• I need to hem a dress that is a thick stretchy material, since it’s thick and only really has one way stretch, do I still need to use these tips or could I hem it the way I would with any other fabric.

    • Hi Elaine! The new dress hemming project sounds exciting! We’d recommend keeping these tips in mind, but you should be able to hem a thick stretchy fabric quite easily. Let us know how it goes!

  • Is a triple or three step zigzag more durable, stronger in resisting broken threads, than a regular zigzag? I’ve had to repair seams on some of my panties because the “wooly nylon” the seams were originally, isn’t durable at all, and keeps disappearing. I’ve been trying to do the repairs using elastic thread hand-wound onto the bobbin, polyester for the top thread, in a regular zigzag stitch. I’ve tried using the width set to 2.5-3 and length 2, all the way to width at 4.5 and length at 2.5-3… and wind up with broken stitches no matter the stitch width/length settings. My next effort will probably be to try the elastic thread for the top thread too, with the tension set to 0, to try and prevent the broken needle I got when i tried using elastic thread as the top-thread previously. But I’m wondering if the triple or 3-step zigzag would be stronger than the regular zigzag. Really tired of having to RE-repair something I’ve already repaired! The panties are nearly new, fit perfectly, and are the most comfy I’ve ever worn, so repairing them in critical!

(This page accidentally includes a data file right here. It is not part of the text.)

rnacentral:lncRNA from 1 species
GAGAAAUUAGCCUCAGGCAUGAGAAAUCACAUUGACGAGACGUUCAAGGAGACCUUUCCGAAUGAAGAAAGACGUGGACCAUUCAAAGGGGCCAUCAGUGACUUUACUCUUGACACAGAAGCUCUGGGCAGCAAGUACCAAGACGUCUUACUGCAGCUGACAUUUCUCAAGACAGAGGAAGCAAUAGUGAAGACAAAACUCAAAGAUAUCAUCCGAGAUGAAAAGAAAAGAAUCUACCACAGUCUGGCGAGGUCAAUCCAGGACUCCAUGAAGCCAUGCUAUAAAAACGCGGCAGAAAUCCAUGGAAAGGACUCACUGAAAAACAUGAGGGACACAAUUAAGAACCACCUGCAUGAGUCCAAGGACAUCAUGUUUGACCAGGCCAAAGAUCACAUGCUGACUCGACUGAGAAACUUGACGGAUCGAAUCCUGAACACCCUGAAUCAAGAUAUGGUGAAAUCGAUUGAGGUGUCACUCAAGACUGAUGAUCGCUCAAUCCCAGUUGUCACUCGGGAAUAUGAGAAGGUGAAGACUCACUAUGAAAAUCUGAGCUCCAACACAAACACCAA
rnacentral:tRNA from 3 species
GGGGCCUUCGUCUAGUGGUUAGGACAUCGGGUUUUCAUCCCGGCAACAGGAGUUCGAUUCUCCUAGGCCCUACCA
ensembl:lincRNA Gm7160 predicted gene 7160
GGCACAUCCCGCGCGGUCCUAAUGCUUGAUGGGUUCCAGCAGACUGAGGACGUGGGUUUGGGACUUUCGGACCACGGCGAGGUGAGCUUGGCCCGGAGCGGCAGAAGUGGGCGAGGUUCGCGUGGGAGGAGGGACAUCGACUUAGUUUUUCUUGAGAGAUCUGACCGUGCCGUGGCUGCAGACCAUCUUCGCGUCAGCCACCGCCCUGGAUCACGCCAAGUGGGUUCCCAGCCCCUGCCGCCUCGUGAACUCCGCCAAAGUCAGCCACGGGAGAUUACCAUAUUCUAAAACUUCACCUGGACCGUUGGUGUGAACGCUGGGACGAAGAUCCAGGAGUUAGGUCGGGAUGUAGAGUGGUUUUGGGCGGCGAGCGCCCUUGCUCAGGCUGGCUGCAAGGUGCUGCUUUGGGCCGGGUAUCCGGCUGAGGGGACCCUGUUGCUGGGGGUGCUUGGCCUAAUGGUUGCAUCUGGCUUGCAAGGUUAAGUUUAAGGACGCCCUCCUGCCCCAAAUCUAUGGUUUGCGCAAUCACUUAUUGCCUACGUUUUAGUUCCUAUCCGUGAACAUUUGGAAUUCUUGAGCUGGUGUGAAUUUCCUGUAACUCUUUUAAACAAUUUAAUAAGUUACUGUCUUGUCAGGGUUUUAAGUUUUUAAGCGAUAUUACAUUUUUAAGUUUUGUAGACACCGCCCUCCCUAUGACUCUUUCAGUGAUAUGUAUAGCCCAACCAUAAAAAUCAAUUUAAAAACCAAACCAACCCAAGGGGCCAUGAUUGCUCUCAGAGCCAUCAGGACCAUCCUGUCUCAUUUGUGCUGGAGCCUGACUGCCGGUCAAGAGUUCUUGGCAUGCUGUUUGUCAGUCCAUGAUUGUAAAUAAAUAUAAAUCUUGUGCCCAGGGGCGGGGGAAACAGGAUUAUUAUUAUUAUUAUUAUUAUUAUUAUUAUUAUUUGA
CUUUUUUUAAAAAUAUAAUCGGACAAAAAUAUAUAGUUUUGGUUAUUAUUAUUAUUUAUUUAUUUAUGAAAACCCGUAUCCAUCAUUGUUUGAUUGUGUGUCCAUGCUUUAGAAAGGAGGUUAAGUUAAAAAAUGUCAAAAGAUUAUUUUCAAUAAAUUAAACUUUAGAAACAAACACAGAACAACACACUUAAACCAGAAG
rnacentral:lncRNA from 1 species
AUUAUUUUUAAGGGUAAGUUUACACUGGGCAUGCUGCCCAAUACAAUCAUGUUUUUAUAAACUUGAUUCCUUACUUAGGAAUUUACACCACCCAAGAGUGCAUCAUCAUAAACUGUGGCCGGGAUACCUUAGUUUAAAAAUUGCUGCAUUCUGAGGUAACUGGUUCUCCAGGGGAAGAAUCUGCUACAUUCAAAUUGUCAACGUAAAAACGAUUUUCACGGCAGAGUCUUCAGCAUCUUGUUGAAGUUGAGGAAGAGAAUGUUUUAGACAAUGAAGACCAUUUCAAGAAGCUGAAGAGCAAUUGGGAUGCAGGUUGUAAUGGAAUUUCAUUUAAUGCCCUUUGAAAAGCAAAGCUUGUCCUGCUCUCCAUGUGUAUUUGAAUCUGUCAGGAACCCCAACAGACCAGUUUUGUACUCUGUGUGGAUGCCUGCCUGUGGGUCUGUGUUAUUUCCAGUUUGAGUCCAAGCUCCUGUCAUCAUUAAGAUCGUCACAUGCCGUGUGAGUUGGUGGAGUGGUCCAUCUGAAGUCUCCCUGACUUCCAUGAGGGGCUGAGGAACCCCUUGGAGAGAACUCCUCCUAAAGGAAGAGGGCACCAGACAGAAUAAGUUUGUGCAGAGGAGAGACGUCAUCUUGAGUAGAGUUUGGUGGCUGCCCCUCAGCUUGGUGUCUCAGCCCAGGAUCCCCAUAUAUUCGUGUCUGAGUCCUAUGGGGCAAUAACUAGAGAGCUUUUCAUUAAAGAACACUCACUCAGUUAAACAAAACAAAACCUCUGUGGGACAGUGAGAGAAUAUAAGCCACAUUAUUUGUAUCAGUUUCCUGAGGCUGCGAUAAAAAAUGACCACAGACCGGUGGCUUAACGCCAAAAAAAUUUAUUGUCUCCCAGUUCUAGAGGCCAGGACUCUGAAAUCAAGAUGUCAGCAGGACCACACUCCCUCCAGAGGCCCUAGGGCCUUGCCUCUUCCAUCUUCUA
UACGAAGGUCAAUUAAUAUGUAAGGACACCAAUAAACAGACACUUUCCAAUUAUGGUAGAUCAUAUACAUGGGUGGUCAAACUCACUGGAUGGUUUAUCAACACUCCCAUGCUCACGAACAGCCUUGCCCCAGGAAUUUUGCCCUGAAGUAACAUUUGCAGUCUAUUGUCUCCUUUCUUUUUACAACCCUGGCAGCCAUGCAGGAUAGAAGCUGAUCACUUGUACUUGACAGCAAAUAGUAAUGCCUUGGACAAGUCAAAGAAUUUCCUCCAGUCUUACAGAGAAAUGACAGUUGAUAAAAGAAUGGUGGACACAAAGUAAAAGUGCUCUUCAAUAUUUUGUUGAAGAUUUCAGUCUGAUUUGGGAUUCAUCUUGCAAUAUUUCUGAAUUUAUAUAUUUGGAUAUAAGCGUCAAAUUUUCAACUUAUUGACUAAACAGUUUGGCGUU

• Hi Andria, that totally makes sense! It must be very frustrating having to re-repair your favorite panties. Definitely go for a triple zigzag stitch – it’s the strongest stitch that also has enough give for the fabric to stretch. Tha, combined with a nylon or polyester thread, should result in a solid stitch that won’t budge or tear. Let us know how the repairing goes, and best of luck to you!

      • Thx for the reply! It didn’t go much better than previous repairs, so I looked up some of that “fuzzy nylon” thread, and found that Walmart carries it, though I’ll have to order it since they don’t have it on the shelves in the store. But I guess it’s the only thing that’s really stretchy enough for something with that much elasticity.

        I discovered that stitch I was thinking of, on my Singer 44S “Classic”, is actually called “multi-stitch zigzag”. I wasn’t sure if that would do me any better than a regular zipzag, so I kept looking online for info about which length/width of zigzag stitches would offer the best stretch, and finally arrived at a medium-length (2) and medium width (3) zigzag. The re-re-repair I did with that type of zigzag seems to be a little better than previous length/width settings, but time will tell — and I’m getting some of that fuzzy nylon so I can have some thread actually suitable for this kind of thing.